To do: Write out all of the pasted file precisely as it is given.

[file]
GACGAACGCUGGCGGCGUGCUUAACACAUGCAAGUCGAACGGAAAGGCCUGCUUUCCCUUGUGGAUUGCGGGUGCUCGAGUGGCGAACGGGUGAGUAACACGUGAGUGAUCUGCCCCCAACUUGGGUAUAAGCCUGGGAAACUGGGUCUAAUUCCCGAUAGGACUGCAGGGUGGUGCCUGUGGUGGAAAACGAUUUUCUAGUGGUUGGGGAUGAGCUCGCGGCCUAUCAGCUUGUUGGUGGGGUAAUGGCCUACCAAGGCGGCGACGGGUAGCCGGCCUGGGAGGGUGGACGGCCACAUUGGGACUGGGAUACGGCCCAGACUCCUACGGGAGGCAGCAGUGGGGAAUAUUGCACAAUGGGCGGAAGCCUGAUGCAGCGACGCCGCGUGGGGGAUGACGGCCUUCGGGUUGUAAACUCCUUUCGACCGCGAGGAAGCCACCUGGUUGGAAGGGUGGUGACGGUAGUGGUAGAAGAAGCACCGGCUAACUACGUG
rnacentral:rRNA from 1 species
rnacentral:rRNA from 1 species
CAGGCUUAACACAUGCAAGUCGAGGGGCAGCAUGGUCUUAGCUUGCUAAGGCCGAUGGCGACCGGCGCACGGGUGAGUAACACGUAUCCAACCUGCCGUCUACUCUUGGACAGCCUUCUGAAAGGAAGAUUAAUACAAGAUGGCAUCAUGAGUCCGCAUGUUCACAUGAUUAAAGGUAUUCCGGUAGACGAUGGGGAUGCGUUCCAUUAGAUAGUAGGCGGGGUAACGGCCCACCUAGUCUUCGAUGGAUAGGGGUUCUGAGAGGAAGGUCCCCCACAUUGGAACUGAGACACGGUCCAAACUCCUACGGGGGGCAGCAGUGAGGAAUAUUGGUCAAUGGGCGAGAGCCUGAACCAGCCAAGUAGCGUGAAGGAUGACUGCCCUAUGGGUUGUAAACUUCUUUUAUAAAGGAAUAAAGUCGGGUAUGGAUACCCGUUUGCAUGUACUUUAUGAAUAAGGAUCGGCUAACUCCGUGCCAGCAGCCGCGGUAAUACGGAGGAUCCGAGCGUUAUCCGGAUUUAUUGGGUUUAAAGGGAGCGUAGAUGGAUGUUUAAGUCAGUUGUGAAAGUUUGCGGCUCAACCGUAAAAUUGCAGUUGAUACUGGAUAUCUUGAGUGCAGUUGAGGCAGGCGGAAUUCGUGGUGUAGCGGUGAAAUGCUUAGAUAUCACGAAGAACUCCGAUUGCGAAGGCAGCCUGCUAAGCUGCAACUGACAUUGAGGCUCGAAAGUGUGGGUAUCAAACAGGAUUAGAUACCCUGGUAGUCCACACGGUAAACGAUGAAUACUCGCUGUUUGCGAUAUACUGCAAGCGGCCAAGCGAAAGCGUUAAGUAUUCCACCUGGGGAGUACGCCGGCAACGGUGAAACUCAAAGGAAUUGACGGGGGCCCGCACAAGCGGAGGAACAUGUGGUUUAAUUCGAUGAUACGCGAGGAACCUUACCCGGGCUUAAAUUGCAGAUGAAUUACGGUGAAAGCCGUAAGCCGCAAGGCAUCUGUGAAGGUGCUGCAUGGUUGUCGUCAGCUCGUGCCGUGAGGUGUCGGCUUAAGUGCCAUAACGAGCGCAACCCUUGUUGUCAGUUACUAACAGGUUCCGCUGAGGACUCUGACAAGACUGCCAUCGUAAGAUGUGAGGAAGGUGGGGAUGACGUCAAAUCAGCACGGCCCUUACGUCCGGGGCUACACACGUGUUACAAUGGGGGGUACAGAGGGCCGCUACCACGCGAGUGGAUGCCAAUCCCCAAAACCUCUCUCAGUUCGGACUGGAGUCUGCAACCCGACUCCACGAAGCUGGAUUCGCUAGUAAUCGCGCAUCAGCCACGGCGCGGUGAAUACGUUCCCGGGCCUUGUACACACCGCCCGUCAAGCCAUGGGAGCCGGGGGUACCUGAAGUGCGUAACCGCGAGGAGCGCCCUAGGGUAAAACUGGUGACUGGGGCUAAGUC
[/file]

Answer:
GACGAACGCUGGCGGCGUGCUUAACACAUGCAAGUCGAACGGAAAGGCCUGCUUUCCCUUGUGGAUUGCGGGUGCUCGAGUGGCGAACGGGUGAGUAACACGUGAGUGAUCUGCCCCCAACUUGGGUAUAAGCCUGGGAAACUGGGUCUAAUUCCCGAUAGGACUGCAGGGUGGUGCCUGUGGUGGAAAACGAUUUUCUAGUGGUUGGGGAUGAGCUCGCGGCCUAUCAGCUUGUUGGUGGGGUAAUGGCCUACCAAGGCGGCGACGGGUAGCCGGCCUGGGAGGGUGGACGGCCACAUUGGGACUGGGAUACGGCCCAGACUCCUACGGGAGGCAGCAGUGGGGAAUAUUGCACAAUGGGCGGAAGCCUGAUGCAGCGACGCCGCGUGGGGGAUGACGGCCUUCGGGUUGUAAACUCCUUUCGACCGCGAGGAAGCCACCUGGUUGGAAGGGUGGUGACGGUAGUGGUAGAAGAAGCACCGGCUAACUACGUG
rnacentral:rRNA from 1 species
rnacentral:rRNA from 1 species
CAGGCUUAACACAUGCAAGUCGAGGGGCAGCAUGGUCUUAGCUUGCUAAGGCCGAUGGCGACCGGCGCACGGGUGAGUAACACGUAUCCAACCUGCCGUCUACUCUUGGACAGCCUUCUGAAAGGAAGAUUAAUACAAGAUGGCAUCAUGAGUCCGCAUGUUCACAUGAUUAAAGGUAUUCCGGUAGACGAUGGGGAUGCGUUCCAUUAGAUAGUAGGCGGGGUAACGGCCCACCUAGUCUUCGAUGGAUAGGGGUUCUGAGAGGAAGGUCCCCCACAUUGGAACUGAGACACGGUCCAAACUCCUACGGGGGGCAGCAGUGAGGAAUAUUGGUCAAUGGGCGAGAGCCUGAACCAGCCAAGUAGCGUGAAGGAUGACUGCCCUAUGGGUUGUAAACUUCUUUUAUAAAGGAAUAAAGUCGGGUAUGGAUACCCGUUUGCAUGUACUUUAUGAAUAAGGAUCGGCUAACUCCGUGCCAGCAGCCGCGGUAAUACGGAGGAUCCGAGCGUUAUCCGGAUUUAUUGGGUUUAAAGGGAGCGUAGAUGGAUGUUUAAGUCAGUUGUGAAAGUUUGCGGCUCAACCGUAAAAUUGCAGUUGAUACUGGAUAUCUUGAGUGCAGUUGAGGCAGGCGGAAUUCGUGGUGUAGCGGUGAAAUGCUUAGAUAUCACGAAGAACUCCGAUUGCGAAGGCAGCCUGCUAAGCUGCAACUGACAUUGAGGCUCGAAAGUGUGGGUAUCAAACAGGAUUAGAUACCCUGGUAGUCCACACGGUAAACGAUGAAUACUCGCUGUUUGCGAUAUACUGCAAGCGGCCAAGCGAAAGCGUUAAGUAUUCCACCUGGGGAGUACGCCGGCAACGGUGAAACUCAAAGGAAUUGACGGGGGCCCGCACAAGCGGAGGAACAUGUGGUUUAAUUCGAUGAUACGCGAGGAACCUUACCCGGGCUUAAAUUGCAGAUGAAUUACGGUGAAAGCCGUAAGCCGCAAGGCAUCUGUGAAGGUGCUGCAUGGUUGUCGUCAGCUCGUGCCGUGAGGUGUCGGCUUAAGUGCCAUAACGAGCGCAACCCUUGUUGUCAGUUACUAACAGGUUCCGCUGAGGACUCUGACAAGACUGCCAUCGUAAGAUGUGAGGAAGGUGGGGAUGACGUCAAAUCAGCACGGCCCUUACGUCCGGGGCUACACACGUGUUACAAUGGGGGGUACAGAGGGCCGCUACCACGCGAGUGGAUGCCAAUCCCCAAAACCUCUCUCAGUUCGGACUGGAGUCUGCAACCCGACUCCACGAAGCUGGAUUCGCUAGUAAUCGCGCAUCAGCCACGGCGCGGUGAAUACGUUCCCGGGCCUUGUACACACCGCCCGUCAAGCCAUGGGAGCCGGGGGUACCUGAAGUGCGUAACCGCGAGGAGCGCCCUAGGGUAAAACUGGUGACUGGGGCUAAGUC